Stephen K Amos
Stephen K Amos, comedian, actor and all round heart-warming funny man first entered my sphere of comic understanding at the Edinburgh Fringe Festival. Since his phenomenal debut in 2001, he has appeared at the Fringe every year since 2003.
The year in question was 2007. The venue was large and the atmosphere rowdy, comprising a strange collection of beer drinking stag-doers, pompous students and the odd, muttering old person.
It was the only Fringe show confirmed to be an absolute must see - outrageously notorious for its audience participation; an eclectic mix of people hell bent on destroying whichever comedian was brave enough to attempt withstanding them. Consequently, an audience prepared to be destroyed.
Stephen K Amos was compering the show appropriately titled Late and Live,, which starts at midnight and finishes in the early hours. Hosting a number of stand up comedians such as Russell Howard and underground comedy legend Daniel Kitson, such are the standards and expectations that the comics actually join the audience in heckling their fellow Stand Ups on stage.
It's a dog eat dog business, Lord of the Flies the stand up version. Household names might be showcased on TV night after night, but this is the room in which few stand up comedians can gather for a month each year and place bets on which one will come out alive. It makes the Comedy Store look like a weekly breakfast show.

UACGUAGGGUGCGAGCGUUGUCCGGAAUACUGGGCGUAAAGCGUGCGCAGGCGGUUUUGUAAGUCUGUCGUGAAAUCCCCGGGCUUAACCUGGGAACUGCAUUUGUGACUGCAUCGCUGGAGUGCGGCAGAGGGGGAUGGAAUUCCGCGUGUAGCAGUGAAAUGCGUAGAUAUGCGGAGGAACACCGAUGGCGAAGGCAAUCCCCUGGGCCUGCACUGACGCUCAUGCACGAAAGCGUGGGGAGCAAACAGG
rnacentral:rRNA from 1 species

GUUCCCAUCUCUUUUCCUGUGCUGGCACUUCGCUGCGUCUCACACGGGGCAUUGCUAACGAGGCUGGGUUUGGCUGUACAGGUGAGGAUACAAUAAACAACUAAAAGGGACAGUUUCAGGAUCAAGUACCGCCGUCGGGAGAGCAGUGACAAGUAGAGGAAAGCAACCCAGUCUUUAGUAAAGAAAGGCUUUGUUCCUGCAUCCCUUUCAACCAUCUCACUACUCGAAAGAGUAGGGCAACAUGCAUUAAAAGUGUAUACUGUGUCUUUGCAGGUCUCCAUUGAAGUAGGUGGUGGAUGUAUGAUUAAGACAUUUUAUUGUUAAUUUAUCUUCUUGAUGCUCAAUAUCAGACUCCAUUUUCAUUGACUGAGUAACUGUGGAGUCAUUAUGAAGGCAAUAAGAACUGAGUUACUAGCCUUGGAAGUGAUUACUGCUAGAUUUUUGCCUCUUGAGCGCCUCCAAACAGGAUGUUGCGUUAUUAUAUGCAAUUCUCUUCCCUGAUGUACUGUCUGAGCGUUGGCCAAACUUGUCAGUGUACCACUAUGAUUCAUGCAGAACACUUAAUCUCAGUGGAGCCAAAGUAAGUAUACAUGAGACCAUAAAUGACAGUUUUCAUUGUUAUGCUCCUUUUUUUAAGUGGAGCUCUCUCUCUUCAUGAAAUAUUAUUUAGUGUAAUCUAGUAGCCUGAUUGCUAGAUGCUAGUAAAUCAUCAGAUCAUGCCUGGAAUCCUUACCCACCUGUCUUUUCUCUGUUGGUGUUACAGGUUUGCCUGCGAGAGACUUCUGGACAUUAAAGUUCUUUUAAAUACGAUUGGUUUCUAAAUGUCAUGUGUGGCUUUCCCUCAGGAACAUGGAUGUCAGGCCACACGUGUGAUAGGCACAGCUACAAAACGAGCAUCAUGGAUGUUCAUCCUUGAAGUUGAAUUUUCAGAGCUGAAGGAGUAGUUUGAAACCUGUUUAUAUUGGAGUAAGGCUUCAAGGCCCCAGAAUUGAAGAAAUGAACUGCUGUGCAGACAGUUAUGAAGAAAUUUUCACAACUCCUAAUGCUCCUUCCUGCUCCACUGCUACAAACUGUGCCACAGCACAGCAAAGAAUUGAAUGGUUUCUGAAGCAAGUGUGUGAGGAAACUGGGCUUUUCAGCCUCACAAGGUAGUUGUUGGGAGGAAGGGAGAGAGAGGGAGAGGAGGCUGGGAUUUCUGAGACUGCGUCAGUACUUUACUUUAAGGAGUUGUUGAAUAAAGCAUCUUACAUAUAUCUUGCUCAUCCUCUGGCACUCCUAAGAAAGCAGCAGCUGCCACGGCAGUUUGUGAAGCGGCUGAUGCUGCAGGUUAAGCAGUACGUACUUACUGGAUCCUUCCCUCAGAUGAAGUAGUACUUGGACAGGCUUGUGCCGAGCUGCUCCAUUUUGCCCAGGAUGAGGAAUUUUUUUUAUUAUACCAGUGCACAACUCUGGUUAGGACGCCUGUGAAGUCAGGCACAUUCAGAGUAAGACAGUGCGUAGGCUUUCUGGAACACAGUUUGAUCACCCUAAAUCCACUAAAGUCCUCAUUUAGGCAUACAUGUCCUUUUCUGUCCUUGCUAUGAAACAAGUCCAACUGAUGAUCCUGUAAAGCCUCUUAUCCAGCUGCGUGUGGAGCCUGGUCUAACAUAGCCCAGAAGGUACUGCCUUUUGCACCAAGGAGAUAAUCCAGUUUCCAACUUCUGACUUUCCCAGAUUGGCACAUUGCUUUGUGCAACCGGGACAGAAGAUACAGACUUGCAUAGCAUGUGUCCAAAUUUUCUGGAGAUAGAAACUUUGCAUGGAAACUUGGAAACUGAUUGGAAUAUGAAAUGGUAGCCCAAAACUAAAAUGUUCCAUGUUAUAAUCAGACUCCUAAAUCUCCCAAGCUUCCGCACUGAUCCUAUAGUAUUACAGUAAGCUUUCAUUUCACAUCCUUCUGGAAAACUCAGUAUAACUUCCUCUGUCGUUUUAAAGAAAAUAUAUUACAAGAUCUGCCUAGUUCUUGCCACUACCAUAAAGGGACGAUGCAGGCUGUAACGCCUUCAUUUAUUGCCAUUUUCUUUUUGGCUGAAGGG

As compere, Amos handled the crowd and comedians with enviable expertise. In a show that bullies comedians into providing audience kicks by "getting their kit off" before hurling criticism at them for doing so, for example, Amos never once lost control.
Notably, Stephen K Amos made his mark in his 2006 show All of Me, flitting from character to character, satirising his well observed Nigerian and English cultural traits.
Amos took his audience through a journey of childhood experiences - cliched but relatable, cementing his success as a comedian who creates his success by connecting with his audience. He also introduced his homosexuality, drawing on it as a comedian who happens to be gay, rather than from the stance of a gay comedian.
Needless to say, the man more than holds his own in vast jungle pits of sweaty, beer drinking, testosterone pumped men, despite having moved on to venues such as Live at the Apollo and the Royal Festival Hall.
Having explored the derogatory attitudes towards gay men in black communities in his Channel 4 documentary Batty Man, the infectious stand up adds more strings to his bow while proving in sell out stand up tours and year after year at Edinburgh that his wicked charm has power, sustainability and resilience.
Stephen K Amos's 2009 show Find the Funny steps away from his autobiographical comfort zone and the chatty banter that compering limits him to, delving into the self confessed and daring unknowns of having no theme, message or pathos - just pure comedy laughs.
As stretched for content as his new approach might leave him, his unquestionable charisma ensures that Stephen K Amos is a comedy force to be reckoned with. A force sporting a slight whiff of cheese, maybe, but a force all the same.